I just finished a powerful, mind-bending history book, Mao: The Unknown Story by Jung Chang (a Chinese novelist) and Jon Halliday (an American writer and historian). This thick but highly readable book chronicles Mao Zedong’s entire life, from his humble beginnings as a student, librarian and bookseller to his death in 1976. According to this book, it doesn’t matter how monstrous you thought Chairman Mao was; he was worse than that. The book reads like a diatribe, but the scholarship is persuasive. I did some fact-checking, and it appears that Chang and Halliday are simply laying out the sad truth: the political career of Mao Zedong was one of the great frauds of modern history.
The most surprising finding in this book is that Mao, who was never popular or highly regarded by his political peers during the Communist rise to power, ascended to party leadership by consistently sabotaging his partners. Mao was a ruthless “master player”, always looking beyond his organization’s immediate goals to calculate the long-term effects a military defeat or victory would have on his own position within the team. Chang and Halliday provide evidence that Mao regularly forced changes in battle plans or retreat plans, often with disastrous results, so as to deny his “comrades” great victories. This is most pronounced during the famous “Long March”, in which terrible decisions were made at great human cost, diminishing the size and strength of the escaping Chinese Communist Party until it was weak and fractured enough for Mao to begin to emerge as the party’s leader.
Sabotage seems to have been the sharpest tool in Mao’s toolbox, and he betrayed the trust of his colleagues over and over during his long career. I’ll never think of the Korean War the same way again, for instance; I’d always understood that the Chinese and North Koreans were close partners in this conflict, but Chang and Halliday lay out a strong case that Mao allowed North Korea to suffer a disastrous loss in a successful bid to raise China’s global profile and gain access to weapons.
The most upsetting part of the book deals with the agricultural collectivization project known as the “Great Leap Forward”, which caused the deaths of tens of millions of peasants from 1958 to 1961. Here, Mao’s personal perversity is clearly visible; he is unabashedly proud to have managed to have caused such extreme suffering and death, as if this proves his power and his determination. In an almost comic coda to this disaster (which was finally eased after other Chinese Communist politicians bravely defied Mao to end the horror), we see Mao reaching out to heads of state in Iron Curtain-era Eastern Europe by advising them to torment their own populations as successfully as he has in China. Not surprisingly, even the communist leaders of Eastern Europe found Mao’s instructions unappealing, except for the leaders of Albania, who fell for it.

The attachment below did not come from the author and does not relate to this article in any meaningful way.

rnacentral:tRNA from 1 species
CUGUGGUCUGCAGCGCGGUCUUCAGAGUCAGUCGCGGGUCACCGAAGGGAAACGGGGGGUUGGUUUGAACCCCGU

I’m planning to read more about the Chinese peasant genocide of 1958-1961. As I read these chapters, the word “slavery” kept popping into my head. That’s the clearest description of what China’s government achieved during this program: a handful of coastal leaders managed to turn the world’s most populous country into a slave society. It’s quite frightening to see how easily this was achieved.
On an existential or psychological level, a portrait of Mao emerges. He was brave, ambitious and quite smart. He appeared to be a happy and lustful person, without a shred of idealism or humane warmth. Indeed, he mocked and denigrated anyone in his orbit who expressed idealistic or romantic notions, and this ability to undercut the idealism of his “revolutionary” party served him well.
The Dalai Lama bitterly referred to Mao Zedong as his “greatest teacher”, since Mao taught him how venal and destructive a single human being can possibly be. Based on this book, I’ve still got some learning to do.